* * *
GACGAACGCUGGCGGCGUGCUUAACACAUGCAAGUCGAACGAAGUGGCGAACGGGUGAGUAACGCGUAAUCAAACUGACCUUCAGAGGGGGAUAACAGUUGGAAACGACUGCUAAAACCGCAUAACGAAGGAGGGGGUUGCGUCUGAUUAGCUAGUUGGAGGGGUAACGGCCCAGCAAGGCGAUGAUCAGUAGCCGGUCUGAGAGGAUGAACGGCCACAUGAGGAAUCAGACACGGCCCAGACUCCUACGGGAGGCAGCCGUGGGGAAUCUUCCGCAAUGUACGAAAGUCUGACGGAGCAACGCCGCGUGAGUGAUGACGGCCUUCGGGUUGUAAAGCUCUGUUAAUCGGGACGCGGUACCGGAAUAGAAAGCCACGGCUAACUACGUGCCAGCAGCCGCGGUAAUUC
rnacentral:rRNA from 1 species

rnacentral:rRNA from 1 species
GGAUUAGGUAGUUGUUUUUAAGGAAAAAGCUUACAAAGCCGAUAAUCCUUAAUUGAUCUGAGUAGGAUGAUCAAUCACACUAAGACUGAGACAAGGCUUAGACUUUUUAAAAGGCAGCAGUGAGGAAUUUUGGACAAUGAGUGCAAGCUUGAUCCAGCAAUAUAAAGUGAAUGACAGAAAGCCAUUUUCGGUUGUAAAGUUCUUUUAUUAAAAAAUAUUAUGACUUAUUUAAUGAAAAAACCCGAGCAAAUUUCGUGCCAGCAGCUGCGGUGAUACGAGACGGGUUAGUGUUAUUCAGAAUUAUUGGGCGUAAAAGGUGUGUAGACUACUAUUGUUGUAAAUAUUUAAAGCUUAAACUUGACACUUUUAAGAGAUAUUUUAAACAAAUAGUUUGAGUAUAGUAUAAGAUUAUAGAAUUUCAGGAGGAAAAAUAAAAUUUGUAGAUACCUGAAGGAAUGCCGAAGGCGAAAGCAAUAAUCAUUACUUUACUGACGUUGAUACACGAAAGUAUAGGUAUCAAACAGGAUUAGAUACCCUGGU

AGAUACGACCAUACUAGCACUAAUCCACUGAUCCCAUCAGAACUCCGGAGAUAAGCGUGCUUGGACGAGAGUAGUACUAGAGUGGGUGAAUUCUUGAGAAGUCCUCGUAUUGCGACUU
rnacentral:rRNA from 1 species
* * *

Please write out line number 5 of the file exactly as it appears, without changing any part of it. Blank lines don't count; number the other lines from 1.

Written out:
AGAUACGACCAUACUAGCACUAAUCCACUGAUCCCAUCAGAACUCCGGAGAUAAGCGUGCUUGGACGAGAGUAGUACUAGAGUGGGUGAAUUCUUGAGAAGUCCUCGUAUUGCGACUU